Skip header and navigation

Refine By

3462 records – page 1 of 347.

Period estimates of cancer patient survival are more up-to-date than complete estimates even at comparable levels of precision.

https://arctichealth.org/en/permalink/ahliterature169208
Source
J Clin Epidemiol. 2006 Jun;59(6):570-5
Publication Type
Article
Date
Jun-2006
Author
Hermann Brenner
Timo Hakulinen
Author Affiliation
Department of Epidemiology, German Center for Research on Aging, Bergheimer Strasse 20, D-69115 Heidelberg, Germany. h.brenner@dkfz-heidelberg.de
Source
J Clin Epidemiol. 2006 Jun;59(6):570-5
Date
Jun-2006
Language
English
Publication Type
Article
Keywords
Finland - epidemiology
Humans
Neoplasms - mortality
Prognosis
Registries
Survival Analysis
Survival Rate
Abstract
Period analysis provides more up-to-date estimates of cancer patient survival than traditional methods, but there is a trade-off between up-to-dateness and precision. Our objective was to compare the performance of period and complete analysis in terms of up-to-dateness and precision of survival estimates.
Five-year relative survival data actually observed for patients diagnosed with 1 of 20 common forms of cancer in Finland in 36 overlapping 5-year periods between 1958-1962 and 1993-1997 were compared with period estimates and various variants of complete estimates of 5-year relative survival potentially available during these periods.
At comparable levels of up-to-dateness, survival estimates from period analysis were more precise than survival estimates from complete analysis. At comparable levels of precision, period analysis provided more up-to-date survival estimates than did complete analysis.
These results further encourage more widespread use of period analysis as a standard tool for up-to-date monitoring of cancer patient survival by population-based cancer registries.
PubMed ID
16713519 View in PubMed
Less detail

Danish study links cancer survival to income and education.

https://arctichealth.org/en/permalink/ahliterature92416
Source
BMJ. 2008;337:a1340
Publication Type
Article
Date
2008

Survival statistics gone awry: pancreatic cancer, a case in point.

https://arctichealth.org/en/permalink/ahliterature18951
Source
J Clin Gastroenterol. 2002 Aug;35(2):180-4
Publication Type
Article
Date
Aug-2002
Author
Birgir Gudjonsson
Author Affiliation
Medical Clinic, Reykjavík, Iceland. bghav@mmedia.is
Source
J Clin Gastroenterol. 2002 Aug;35(2):180-4
Date
Aug-2002
Language
English
Publication Type
Article
Keywords
Humans
Pancreatic Neoplasms - mortality - surgery
Survival Analysis
Survival Rate
Time Factors
Abstract
Resections for pancreatic cancer have been performed for 65 years, with approximately 20,000 reported. A number of authors claim a 5-year survival rate of 30% to 58%. Review of the literature reveals only about 1,200 5-year survivors; however, 10 times as many individual resected survivors have been reported (in various countries), and nonresected survivors are overlooked. This high survival percentage is obtained by reducing the subset on which calculations are based and by using methods such as the Kaplan-Meier method, which produces higher figures as increasing numbers of patients are lost to follow-up. After adjustments, hardly more than 350 resected survivors could be found. Revision of statistical methods is urgently needed.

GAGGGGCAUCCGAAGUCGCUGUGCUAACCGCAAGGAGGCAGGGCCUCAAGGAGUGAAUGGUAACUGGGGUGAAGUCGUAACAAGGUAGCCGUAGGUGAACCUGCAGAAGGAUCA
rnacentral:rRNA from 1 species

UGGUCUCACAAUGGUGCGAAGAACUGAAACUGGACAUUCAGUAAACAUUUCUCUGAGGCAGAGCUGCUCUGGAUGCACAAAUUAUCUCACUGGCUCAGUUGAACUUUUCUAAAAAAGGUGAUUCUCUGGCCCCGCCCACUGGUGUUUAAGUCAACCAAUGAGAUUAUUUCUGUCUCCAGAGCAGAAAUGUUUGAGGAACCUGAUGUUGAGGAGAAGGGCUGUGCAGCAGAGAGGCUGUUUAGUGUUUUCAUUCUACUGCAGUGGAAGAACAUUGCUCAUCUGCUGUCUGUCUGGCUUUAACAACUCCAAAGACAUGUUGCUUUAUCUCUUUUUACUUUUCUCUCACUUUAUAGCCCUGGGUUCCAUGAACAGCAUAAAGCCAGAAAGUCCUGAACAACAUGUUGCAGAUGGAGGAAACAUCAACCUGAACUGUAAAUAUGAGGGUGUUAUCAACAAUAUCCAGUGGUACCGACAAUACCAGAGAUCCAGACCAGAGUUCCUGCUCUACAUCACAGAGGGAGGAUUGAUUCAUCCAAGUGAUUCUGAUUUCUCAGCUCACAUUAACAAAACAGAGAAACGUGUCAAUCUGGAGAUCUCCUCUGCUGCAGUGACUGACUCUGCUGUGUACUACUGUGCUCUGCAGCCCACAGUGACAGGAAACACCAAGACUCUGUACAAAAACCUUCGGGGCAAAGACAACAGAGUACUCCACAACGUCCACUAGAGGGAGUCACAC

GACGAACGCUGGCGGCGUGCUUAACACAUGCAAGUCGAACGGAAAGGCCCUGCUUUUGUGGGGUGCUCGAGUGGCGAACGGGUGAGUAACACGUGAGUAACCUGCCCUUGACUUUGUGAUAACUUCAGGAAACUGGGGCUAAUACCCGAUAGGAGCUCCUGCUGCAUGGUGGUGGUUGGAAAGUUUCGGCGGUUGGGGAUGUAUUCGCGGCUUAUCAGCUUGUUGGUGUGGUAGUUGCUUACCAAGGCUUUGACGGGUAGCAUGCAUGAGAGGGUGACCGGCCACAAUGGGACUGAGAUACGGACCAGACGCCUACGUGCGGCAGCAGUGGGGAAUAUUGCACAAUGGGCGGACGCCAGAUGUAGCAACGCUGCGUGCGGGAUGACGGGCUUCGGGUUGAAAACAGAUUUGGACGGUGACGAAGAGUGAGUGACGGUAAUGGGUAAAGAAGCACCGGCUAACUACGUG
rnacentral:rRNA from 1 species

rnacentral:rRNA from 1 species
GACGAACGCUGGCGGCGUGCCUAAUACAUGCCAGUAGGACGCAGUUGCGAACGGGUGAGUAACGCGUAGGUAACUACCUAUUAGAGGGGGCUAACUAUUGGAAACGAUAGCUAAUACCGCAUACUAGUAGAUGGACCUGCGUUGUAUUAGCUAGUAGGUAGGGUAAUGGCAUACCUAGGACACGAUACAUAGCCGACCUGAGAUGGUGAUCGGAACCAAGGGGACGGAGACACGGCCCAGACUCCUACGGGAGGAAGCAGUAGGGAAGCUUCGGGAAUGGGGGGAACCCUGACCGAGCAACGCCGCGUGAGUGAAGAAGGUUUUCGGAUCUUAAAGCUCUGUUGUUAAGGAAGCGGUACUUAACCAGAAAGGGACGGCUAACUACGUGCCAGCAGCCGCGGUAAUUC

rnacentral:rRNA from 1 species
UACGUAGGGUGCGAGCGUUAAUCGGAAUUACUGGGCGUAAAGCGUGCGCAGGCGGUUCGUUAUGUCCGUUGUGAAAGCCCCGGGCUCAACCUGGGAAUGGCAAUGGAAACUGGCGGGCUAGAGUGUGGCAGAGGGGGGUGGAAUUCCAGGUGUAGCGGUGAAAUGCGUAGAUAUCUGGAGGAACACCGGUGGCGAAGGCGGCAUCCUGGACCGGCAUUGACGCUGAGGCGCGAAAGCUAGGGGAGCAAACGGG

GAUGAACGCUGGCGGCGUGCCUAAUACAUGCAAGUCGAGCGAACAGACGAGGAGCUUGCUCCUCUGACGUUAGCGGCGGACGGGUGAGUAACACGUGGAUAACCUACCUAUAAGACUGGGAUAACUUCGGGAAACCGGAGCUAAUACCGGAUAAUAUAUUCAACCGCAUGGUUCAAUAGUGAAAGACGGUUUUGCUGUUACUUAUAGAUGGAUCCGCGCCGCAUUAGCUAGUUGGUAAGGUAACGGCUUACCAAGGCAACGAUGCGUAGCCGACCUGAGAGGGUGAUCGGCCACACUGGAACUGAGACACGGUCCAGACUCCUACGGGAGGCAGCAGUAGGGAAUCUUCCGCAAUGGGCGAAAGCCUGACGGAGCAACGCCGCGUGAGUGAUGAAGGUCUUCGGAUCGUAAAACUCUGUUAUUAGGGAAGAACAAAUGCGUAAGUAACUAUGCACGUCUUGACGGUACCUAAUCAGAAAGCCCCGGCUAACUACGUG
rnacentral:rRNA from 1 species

PubMed ID
12172365 View in PubMed
Less detail

No change in survival after cardiac arrest in 2007 and 2012 at a hospital in Denmark.

https://arctichealth.org/en/permalink/ahliterature268941
Source
Resuscitation. 2015 Feb;87:e11
Publication Type
Article
Date
Feb-2015

Implementing a novel movement-based approach to inferring parturition and neonate caribou calf survival.

https://arctichealth.org/en/permalink/ahliterature290835
Source
PLoS One. 2018; 13(2):e0192204
Publication Type
Journal Article
Research Support, Non-U.S. Gov't
Date
2018
Author
Maegwin Bonar
E Hance Ellington
Keith P Lewis
Eric Vander Wal
Author Affiliation
Department of Biology, Memorial University of Newfoundland, St. John's, Newfoundland and Labrador, Canada.
Source
PLoS One. 2018; 13(2):e0192204
Date
2018
Language
English
Publication Type
Journal Article
Research Support, Non-U.S. Gov't
Keywords
Animals
Animals, Newborn
Female
Newfoundland and Labrador
Parturition
Pregnancy
Reindeer
Survival Analysis
Abstract
In ungulates, parturition is correlated with a reduction in movement rate. With advances in movement-based technologies comes an opportunity to develop new techniques to assess reproduction in wild ungulates that are less invasive and reduce biases. DeMars et al. (2013, Ecology and Evolution 3:4149-4160) proposed two promising new methods (individual- and population-based; the DeMars model) that use GPS inter-fix step length of adult female caribou (Rangifer tarandus caribou) to infer parturition and neonate survival. Our objective was to apply the DeMars model to caribou populations that may violate model assumptions for retrospective analysis of parturition and calf survival. We extended the use of the DeMars model after assigning parturition and calf mortality status by examining herd-wide distributions of parturition date, calf mortality date, and survival. We used the DeMars model to estimate parturition and calf mortality events and compared them with the known parturition and calf mortality events from collared adult females (n = 19). We also used the DeMars model to estimate parturition and calf mortality events for collared female caribou with unknown parturition and calf mortality events (n = 43) and instead derived herd-wide estimates of calf survival as well as distributions of parturition and calf mortality dates and compared them to herd-wide estimates generated from calves fitted with VHF collars (n = 134). For our data, the individual-based method was effective at predicting calf mortality, but was not effective at predicting parturition. The population-based method was more effective at predicting parturition but was not effective at predicting calf mortality. At the herd-level, the predicted distributions of parturition date from both methods differed from each other and from the distribution derived from the parturition dates of VHF-collared calves (log-ranked test: ?2 = 40.5, df = 2, p